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August Water Conditions Above Normal in Maryland, Delaware, and D.C.
Released: 9/8/2000

Contact Information:
U.S. Department of the Interior, U.S. Geological Survey
Office of Communication
119 National Center
Reston, VA 20192
William Fleck 1-click interview
Phone: (410) 238-4303 | FAX: (410) 238-4210




Streamflow and ground-water levels at the end of August in the Maryland-Delaware-D.C. region were generally above or in the upper part of the normal range, according to hydrologists at the U.S. Geological Survey (USGS) in Baltimore, Maryland. Average streamflow for several key sites ranged from 89 to 490 percent of the long-term average discharge for August.

The average streamflow into the Chesapeake Bay during August 2000 was 22.1 Ggal/d (billion gallons per day), which is 11 percent above the long-term average for August. Together, the Susquehanna and Potomac Rivers, which at their outlets discharged 9.5 and 5.3 Ggal/d, respectively, provided 67 percent of the total streamflow discharging to the Chesapeake Bay during August 2000. Streamflow during August at the Potomac River near Washington, D.C., averaged 3.9 Ggal/d, which is 80 percent above normal. In many locations in Maryland and Delaware, streamflow for August was above the normal range.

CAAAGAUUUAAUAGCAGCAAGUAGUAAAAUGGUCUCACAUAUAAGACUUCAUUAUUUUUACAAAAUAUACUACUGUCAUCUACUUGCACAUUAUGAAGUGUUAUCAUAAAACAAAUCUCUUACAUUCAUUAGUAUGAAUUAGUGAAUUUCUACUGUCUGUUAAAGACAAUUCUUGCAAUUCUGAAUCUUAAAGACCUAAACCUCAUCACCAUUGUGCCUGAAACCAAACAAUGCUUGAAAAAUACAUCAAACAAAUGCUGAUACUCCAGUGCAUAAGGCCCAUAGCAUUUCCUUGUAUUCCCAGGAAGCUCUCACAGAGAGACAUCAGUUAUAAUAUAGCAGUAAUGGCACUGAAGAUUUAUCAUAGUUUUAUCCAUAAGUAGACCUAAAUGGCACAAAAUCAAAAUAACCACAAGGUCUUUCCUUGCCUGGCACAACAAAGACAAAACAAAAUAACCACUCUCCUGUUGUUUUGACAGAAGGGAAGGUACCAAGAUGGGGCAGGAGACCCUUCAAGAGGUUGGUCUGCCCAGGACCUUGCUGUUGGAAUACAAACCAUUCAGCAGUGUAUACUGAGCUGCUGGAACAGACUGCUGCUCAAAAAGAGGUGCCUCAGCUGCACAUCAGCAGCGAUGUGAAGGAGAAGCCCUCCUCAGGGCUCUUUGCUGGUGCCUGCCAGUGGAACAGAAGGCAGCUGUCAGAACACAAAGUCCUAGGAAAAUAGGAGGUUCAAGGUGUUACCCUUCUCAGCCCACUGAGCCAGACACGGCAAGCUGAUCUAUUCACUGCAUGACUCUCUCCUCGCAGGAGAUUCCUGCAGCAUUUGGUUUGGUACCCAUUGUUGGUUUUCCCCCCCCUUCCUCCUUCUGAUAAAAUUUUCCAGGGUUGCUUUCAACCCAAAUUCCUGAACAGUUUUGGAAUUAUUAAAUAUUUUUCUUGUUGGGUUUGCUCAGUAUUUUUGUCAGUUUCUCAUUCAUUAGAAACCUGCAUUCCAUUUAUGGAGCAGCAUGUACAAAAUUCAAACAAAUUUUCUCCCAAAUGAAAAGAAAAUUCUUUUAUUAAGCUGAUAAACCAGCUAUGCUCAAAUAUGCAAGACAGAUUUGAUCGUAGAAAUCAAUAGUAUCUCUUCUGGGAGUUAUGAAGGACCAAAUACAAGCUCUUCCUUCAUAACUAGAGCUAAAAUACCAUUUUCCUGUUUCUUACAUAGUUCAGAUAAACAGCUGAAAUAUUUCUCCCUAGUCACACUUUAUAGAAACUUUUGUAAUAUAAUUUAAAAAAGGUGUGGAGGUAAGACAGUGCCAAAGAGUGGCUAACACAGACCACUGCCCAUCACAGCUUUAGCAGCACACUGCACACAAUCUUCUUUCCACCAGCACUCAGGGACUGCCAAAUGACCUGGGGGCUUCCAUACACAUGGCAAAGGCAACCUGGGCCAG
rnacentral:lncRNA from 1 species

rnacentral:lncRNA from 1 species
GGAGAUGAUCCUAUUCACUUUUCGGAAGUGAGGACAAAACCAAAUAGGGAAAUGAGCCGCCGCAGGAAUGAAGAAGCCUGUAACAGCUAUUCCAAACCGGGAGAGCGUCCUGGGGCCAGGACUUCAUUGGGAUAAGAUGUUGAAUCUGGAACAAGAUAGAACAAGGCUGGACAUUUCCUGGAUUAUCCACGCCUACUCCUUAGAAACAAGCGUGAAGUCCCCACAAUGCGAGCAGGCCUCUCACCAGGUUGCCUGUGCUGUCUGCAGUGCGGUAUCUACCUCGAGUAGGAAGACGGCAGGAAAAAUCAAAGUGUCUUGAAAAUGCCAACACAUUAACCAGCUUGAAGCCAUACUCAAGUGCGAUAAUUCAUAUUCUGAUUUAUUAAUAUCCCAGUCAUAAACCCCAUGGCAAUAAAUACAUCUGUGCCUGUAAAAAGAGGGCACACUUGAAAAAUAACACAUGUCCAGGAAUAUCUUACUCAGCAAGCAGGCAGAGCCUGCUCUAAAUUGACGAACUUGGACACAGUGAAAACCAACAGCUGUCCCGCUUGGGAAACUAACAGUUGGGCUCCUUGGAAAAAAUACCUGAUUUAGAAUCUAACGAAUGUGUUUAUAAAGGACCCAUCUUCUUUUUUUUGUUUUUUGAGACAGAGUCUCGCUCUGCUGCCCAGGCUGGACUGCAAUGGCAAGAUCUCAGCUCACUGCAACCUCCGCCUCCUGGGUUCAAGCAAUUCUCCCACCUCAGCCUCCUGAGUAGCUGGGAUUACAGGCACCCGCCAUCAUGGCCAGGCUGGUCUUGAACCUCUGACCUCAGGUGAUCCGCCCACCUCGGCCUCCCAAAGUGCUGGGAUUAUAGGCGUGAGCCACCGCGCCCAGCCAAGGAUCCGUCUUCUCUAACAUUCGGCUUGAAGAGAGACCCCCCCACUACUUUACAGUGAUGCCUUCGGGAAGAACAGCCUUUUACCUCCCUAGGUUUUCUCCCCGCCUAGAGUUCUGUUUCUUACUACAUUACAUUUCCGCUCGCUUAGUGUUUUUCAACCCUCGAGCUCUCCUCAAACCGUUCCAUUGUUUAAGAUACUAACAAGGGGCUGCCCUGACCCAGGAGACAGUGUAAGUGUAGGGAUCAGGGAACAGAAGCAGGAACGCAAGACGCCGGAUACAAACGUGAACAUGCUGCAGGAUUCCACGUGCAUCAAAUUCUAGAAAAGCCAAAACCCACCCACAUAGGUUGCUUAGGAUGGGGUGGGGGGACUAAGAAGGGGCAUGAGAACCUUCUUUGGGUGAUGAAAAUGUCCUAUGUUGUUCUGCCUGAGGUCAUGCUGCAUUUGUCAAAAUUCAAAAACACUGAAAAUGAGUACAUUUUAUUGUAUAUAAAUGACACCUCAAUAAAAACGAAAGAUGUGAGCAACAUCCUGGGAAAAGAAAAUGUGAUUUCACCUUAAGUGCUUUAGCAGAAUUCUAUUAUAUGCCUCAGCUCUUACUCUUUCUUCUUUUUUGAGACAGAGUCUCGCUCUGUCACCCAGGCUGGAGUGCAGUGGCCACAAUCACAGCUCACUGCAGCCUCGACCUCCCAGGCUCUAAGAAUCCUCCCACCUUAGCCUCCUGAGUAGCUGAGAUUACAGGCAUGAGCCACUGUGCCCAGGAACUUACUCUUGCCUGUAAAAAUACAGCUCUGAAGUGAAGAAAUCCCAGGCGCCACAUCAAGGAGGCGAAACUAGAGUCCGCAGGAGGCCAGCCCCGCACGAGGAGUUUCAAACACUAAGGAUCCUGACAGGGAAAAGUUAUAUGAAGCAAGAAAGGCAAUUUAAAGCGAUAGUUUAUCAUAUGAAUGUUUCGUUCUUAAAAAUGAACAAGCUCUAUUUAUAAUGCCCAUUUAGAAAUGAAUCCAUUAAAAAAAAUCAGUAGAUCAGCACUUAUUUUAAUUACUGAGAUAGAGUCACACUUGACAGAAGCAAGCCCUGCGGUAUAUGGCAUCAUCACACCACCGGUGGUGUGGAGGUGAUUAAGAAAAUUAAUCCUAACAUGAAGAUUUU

Ground-water levels at the end of August generally were in the normal to above-normal range throughout the entire bistate area. Monthly updates of ground-water conditions for 32 key observation wells that encompass all counties of Maryland and Delaware are accessible at http://md.water.usgs.gov/groundwater/ . Water storage in the Baltimore City reservoir system decreased slightly during August to 67.57 billion gallons (89 percent of capacity).

Daily average streamflows for the period of May through August 2000, were 2 to 3 times greater than during the same period of 1999. Average streamflow at the Potomac River near Washington, D.C. for 1999 was 1.8 Ggal/d and for 2000 was 4.1 Ggal/d. Average discharge to the Chesapeake Bay for 1999 was 14.4 Ggal/d and for 2000 was 35.8 Ggal/d.


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